The Anointed, would cause a stir. Just two weeks after arriving on shelves, it already has. Yesterday, Ken Ham, co-founder of the Creation Museum in Petersburg, Kentucky and CEO/President of Answers in Genesis (AiG) USA suggested on his blog that the authors were like wolves intent on destroying God's flock. (by the way, there's another interesting passage on wolves in Mat 7:15)
Meanwhile, at the affiliated AiG blog, Georgia Purdom and Mark Looy observed flatly that: "[Stephens and Giberson] argued that when Bible-believing Christians engage the culture in controversial areas like creation vs. evolution, believers should trust a highly educated PhD theistic evolutionist and evangelical like Dr. Francis Collins over someone like Ham (who has the Australian equivalent of a master’s degree)." I suspect that Stephens and Giberson would respond that credentials aren't irrelevant, but they aren't the real issue here (see: Herberg, Will). Rather, it's the misuse or wholesale neglect of critical facts that distinguishes rigorous, honest scholarship from the work of self-anointed experts such as Ham.
The Anointed is itself an example of how the preponderance of evidence can be mustered to make a well-supported and coherent argument. The first four chapters feature trenchant accounts of fundamentalist-leaning authorities--Ham, whose Creation Museum draws tens of thousands of visitors every year; David Barton, whose highly selective readings of early America have captivated multitudes of believers, including Michelle Bachman and Glenn Beck; James Dobson, founder and former president of Focus on the Family whose influence on understandings of gender roles and child-rearing rivals Dr. (Benjamin) Spock; and Tim LaHaye whose bestselling Left Behind novels foretell the imminence of the rapture and the dismal fate of unbelievers.
Ham, Barton, Dobson, and LaHaye are leading intellectuals in what Stephens and Giberson refer to as an evangelical "parallel culture," which also includes Christian "publishing houses, music labels, and colleges." Chapter Five offers a revealing glimpse of a young male evangelical, Paul Miller, who grew up ensconced in this devotedly non-secular world. Chapter Six details the ascendancy of three figures that even regular readers of Salon would recognize: Oral Roberts, Jerry Falwell, and Pat Robertson.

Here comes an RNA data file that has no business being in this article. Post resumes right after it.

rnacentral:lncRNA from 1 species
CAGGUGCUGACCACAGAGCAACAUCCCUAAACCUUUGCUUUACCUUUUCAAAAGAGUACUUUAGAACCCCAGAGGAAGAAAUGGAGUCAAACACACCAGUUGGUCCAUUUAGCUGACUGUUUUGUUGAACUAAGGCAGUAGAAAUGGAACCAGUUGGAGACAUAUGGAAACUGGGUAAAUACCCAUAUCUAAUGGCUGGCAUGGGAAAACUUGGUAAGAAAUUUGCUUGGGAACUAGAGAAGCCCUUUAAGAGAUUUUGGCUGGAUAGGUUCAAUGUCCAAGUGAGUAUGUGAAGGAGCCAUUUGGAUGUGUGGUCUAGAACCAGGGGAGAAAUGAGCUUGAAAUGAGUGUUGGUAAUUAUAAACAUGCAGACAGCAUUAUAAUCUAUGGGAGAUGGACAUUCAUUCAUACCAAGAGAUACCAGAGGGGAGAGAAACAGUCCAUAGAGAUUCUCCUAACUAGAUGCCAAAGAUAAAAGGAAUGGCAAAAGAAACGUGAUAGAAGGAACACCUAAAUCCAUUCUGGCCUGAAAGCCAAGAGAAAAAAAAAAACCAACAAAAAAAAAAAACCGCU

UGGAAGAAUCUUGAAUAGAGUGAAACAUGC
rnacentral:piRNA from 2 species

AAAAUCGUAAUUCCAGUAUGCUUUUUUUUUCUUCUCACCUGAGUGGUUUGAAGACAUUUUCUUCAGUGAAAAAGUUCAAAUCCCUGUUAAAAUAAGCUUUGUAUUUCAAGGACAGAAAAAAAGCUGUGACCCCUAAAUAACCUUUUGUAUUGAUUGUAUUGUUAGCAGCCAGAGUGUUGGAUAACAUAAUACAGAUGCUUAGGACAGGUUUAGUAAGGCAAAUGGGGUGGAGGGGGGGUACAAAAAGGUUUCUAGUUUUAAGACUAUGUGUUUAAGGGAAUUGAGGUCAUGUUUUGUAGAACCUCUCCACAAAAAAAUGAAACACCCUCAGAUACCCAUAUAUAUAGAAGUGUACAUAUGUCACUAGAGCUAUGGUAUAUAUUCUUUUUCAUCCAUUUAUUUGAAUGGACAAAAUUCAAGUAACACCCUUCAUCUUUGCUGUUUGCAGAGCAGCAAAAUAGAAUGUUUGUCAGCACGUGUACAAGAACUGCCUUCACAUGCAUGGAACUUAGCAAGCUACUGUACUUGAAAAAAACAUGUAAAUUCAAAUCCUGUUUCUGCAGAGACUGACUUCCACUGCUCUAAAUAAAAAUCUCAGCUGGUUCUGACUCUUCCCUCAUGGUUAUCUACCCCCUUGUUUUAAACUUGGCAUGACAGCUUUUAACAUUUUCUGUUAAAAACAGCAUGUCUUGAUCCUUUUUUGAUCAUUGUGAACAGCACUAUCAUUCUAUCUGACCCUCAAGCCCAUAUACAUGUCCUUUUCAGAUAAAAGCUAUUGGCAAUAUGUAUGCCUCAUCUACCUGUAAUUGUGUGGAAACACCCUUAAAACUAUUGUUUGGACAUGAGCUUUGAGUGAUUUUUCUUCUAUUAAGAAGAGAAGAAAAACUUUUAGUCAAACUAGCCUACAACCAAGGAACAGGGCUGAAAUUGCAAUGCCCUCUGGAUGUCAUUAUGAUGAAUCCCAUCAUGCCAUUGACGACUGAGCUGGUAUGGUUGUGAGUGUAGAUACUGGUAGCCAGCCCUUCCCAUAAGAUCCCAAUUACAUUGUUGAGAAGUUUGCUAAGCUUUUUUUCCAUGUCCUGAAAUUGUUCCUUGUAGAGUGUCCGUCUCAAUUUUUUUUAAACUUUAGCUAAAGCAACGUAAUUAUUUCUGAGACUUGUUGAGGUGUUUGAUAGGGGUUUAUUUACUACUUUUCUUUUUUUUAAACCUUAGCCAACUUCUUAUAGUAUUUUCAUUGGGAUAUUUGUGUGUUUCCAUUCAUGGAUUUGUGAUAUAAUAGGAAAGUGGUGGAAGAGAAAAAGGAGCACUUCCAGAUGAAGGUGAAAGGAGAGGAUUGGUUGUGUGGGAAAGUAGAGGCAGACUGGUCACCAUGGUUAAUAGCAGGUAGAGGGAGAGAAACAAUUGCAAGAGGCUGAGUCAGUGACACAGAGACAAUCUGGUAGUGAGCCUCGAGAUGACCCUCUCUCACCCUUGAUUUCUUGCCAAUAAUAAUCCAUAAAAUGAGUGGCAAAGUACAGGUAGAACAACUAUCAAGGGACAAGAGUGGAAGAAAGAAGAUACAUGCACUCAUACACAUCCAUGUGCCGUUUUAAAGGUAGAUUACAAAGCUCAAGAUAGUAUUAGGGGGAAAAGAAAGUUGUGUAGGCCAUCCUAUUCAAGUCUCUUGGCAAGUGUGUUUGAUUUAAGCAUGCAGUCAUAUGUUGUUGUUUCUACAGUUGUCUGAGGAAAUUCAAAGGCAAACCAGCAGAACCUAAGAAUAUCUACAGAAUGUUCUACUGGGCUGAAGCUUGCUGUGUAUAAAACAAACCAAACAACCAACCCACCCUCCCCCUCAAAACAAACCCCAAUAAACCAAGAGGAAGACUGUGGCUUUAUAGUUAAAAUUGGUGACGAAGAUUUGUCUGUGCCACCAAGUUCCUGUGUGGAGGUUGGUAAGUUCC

Part history and part ethnography, The Anointed reveals the authors' serious and sympathetic engagement with the challenges confronted by evangelical thinkers. Indeed, at critical moments, the book defers to accomplished and believing scholars (especially Francis Collins and Mark Noll) who work tirelessly to reconcile their faith with modern science, history, and biblical interpretation. And that leads to the question: If there are legitimate evangelical contenders for intellectual influence, how did gross abusers of facts such as Ken Ham and David Barton end up wielding so much influence?
As with so much else that we experience as mere mortals, the explanation is neither simple nor certain. For starters, Stephens and Giberson suggest, there is the Anointed's alluring confidence that their work reflects God's will. This same characteristic helps account for their tendency to personal hubris and their aversion to generally accepted information about the world. Stephens and Giberson also credit a longstanding “common-sense populist hermeneutic” that is by no means confined to evangelicalism, but certainly buttresses the Anointed's case against mainstream scholarly authorities. The best explanation for their preeminence may simply be that they are really just attempting to engage a religious group in a theological enterprise, rather than social science, natural science, or history. By repeatedly and skillfully asserting the seamless connection between their own interpretation of scripture and their misbegotten understanding of the facts, they never really have to demonstrate any of it. With help from Stephens and Giberson, more people may come to know them by their true scholarly fruits.